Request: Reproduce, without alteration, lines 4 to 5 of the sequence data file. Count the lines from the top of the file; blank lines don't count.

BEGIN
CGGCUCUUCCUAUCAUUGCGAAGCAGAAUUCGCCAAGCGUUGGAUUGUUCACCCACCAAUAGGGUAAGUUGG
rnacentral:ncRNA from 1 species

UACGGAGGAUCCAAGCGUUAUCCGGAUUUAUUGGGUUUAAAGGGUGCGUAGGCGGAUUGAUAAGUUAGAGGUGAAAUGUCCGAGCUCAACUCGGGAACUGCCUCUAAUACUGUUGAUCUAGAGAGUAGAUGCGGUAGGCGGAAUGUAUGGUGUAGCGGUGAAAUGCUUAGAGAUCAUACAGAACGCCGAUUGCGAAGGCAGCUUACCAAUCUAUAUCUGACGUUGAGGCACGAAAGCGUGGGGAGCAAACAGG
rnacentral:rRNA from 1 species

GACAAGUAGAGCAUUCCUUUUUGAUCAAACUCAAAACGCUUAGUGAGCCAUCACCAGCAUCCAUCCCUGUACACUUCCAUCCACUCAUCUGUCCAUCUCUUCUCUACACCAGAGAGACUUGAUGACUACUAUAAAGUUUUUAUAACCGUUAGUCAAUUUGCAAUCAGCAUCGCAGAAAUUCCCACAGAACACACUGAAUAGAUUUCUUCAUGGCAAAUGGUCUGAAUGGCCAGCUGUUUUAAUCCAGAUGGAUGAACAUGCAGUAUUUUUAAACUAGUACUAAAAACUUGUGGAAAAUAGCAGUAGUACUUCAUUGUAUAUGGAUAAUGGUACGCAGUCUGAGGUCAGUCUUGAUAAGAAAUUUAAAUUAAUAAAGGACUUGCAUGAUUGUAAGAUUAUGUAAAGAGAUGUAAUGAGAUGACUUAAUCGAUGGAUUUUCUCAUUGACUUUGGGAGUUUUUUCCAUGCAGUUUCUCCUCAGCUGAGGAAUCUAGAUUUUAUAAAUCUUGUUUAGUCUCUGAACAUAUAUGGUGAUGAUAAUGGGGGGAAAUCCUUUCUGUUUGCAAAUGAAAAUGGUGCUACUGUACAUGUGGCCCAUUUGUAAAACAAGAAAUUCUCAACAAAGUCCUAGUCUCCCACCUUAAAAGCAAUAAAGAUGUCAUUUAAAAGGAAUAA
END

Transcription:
rnacentral:rRNA from 1 species

GACAAGUAGAGCAUUCCUUUUUGAUCAAACUCAAAACGCUUAGUGAGCCAUCACCAGCAUCCAUCCCUGUACACUUCCAUCCACUCAUCUGUCCAUCUCUUCUCUACACCAGAGAGACUUGAUGACUACUAUAAAGUUUUUAUAACCGUUAGUCAAUUUGCAAUCAGCAUCGCAGAAAUUCCCACAGAACACACUGAAUAGAUUUCUUCAUGGCAAAUGGUCUGAAUGGCCAGCUGUUUUAAUCCAGAUGGAUGAACAUGCAGUAUUUUUAAACUAGUACUAAAAACUUGUGGAAAAUAGCAGUAGUACUUCAUUGUAUAUGGAUAAUGGUACGCAGUCUGAGGUCAGUCUUGAUAAGAAAUUUAAAUUAAUAAAGGACUUGCAUGAUUGUAAGAUUAUGUAAAGAGAUGUAAUGAGAUGACUUAAUCGAUGGAUUUUCUCAUUGACUUUGGGAGUUUUUUCCAUGCAGUUUCUCCUCAGCUGAGGAAUCUAGAUUUUAUAAAUCUUGUUUAGUCUCUGAACAUAUAUGGUGAUGAUAAUGGGGGGAAAUCCUUUCUGUUUGCAAAUGAAAAUGGUGCUACUGUACAUGUGGCCCAUUUGUAAAACAAGAAAUUCUCAACAAAGUCCUAGUCUCCCACCUUAAAAGCAAUAAAGAUGUCAUUUAAAAGGAAUAA